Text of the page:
Racing a straight-line distance of 1,138km from Salzburg to Monaco, 32 world class athletes from 21 countries will hike and fly via 7 turnpoints in 7 different countries – including Austria, Germany, Italy, Switzerland, France and for the first time: Slovenia. “This exciting new development will make the world’s toughest adventure more challenging and more unpredictable than ever before”, say the organizers of the Red Bull X-Alps 2017.

X-Alps. Photo: Red Bull Content Pool
Participants perform during the Red Bull X-Alps at Brenta, Italy on July 7th 2015. Photo: Red Bull Content Pool

The new Slovenian turnpoint will lead the participants to race along Europe’s largest mountain range and traverse it four times between the northern and southern fringes. The race will also feature 3 turnpoints fewer than in 2015.

Race director Christoph Weber says: “The distances between the turnpoints will be longer than in the last seven editions. Such a wide variety of potential routes comes with a whole new world of strategic possibilities that will push rookies and veterans alike to their very limits; both mentally and physically.”

X-Alps. Photo: Red Bull Content Pool
Competitors perform during the start of Red Bull X-Alps 2015 at the Mozartplatz, Salzburg in Austria on July 5th, 2015. Photo: Red Bull Content Pool

The race starts at the historic Mozartplatz in Salzburg, Austria. From there, the athletes will run through the city and up the Gaisberg to Turnpoint 1, a spot with a scenic view above the Salzburger Land region that is expected to attract thousands of fans, to support the competitors as they set up their paragliders and embark on their first flight of the contest.

A gruelling 157km straight-line journey south through Austria will take them to Turnpoint 2, the Mangart paragliding launch pad on the edge of Triglav National Park in Slovenia. Triglav is the first Slovenian turnpoint to appear in the race and is the country’s highest mountain at 2,864m above sea level. Ulrich Grill, organizer of Red Bull X-Alps explains: “The new terrain around the Triglav Turnpoint will require some innovative new strategies that could make all the difference in the early stages of the race.”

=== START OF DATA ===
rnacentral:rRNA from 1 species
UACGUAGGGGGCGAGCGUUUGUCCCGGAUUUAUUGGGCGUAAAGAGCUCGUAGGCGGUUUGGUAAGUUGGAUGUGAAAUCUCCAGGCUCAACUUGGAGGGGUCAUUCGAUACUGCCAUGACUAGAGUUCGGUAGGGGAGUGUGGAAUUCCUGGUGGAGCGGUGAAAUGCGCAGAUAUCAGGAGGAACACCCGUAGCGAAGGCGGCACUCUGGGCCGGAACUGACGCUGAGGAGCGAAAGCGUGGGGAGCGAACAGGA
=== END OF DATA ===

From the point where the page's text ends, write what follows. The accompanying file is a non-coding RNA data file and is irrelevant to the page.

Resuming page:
Traveling northwest from Slovenia, the competitors will traverse the Austrian Alps for a second time to reach Turnpoint 3, Aschau-Chiemsee in Germany. Located at the foot of the Kampenwand in the picturesque municipality of Aschau im Chiemgau, the athletes will decide whether to continue west on foot, or climb upwards and take to the air.

Turnpoint 4 is the second Austrian turnpoint in the race and can be found in the village of Lermoos. Situated in the shadow of the Zugspitze, the almost 3000m mountain connects Austria to Germany and offers the athletes huge flying potential. The right thermals at the right time could give them a serious boost onto the next leg of their exhausting journey.

Pushing back south through the Alps to Italy, the athletes will find themselves at Turnpoint 5, nestled closely to Lake Garda by Monte Baldo. At this point, the competitors will have successfully passed the halfway mark; but with tired feet, aching muscles and 499km still to go, anything could happen. Who will hike around the lake and who will be brave enough to fly across it?

X-Alps. Photo: Red Bull Content Pool
Competitors fly at the Red Bull X-Alps at Monaco, on July 16th 2015. Photo: Red Bull Content Pool

Turnpoint 6 lies 251km west at the Matterhorn in southern Switzerland, making it the longest stretch between two consecutive turnpoints in the race. If getting there isn’t hard enough, navigating around one of the highest summits in Europe certainly will be. The region is also a key strategic point in the race, as the athletes set off on the last quarter of their journey.

In a final push, the hungry competitors will battle it out over the remaining 246km to reach Turnpoint 7 in Peille, southeast France. Finally, the timer will stop, leaving the athletes to make the 2km victory flight over Monaco to the warm, blue waters of the Mediterranean Sea. Here, they will touch down in style on a landing float to celebrate the accomplishment and relief of completing the world’s toughest adventure race.

X-Alps. Photo: Red Bull Content Pool
Christian Maurer of Switzerland arrives in Monaco at the Red Bull X-Alps, France on July 14 2015. Photo: Red Bull Content Pool

The new route for Red Bull X-Alps 2017 will be the most demanding in the race’s 14-year history. From now, the athletes have just three months to prepare for the enormous journey that lies ahead. Studying the geography of the route will go a long way, but to emerge victorious will take a whole new calibre of endurance and determination. There’s no telling who will take the title, but with some of the greatest athletes in the world, it will certainly be an adventure to remember.

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